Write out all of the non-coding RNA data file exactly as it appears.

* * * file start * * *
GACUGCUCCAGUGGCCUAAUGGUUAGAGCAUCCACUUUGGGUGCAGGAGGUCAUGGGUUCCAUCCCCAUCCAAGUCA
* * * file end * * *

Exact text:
GACUGCUCCAGUGGCCUAAUGGUUAGAGCAUCCACUUUGGGUGCAGGAGGUCAUGGGUUCCAUCCCCAUCCAAGUCA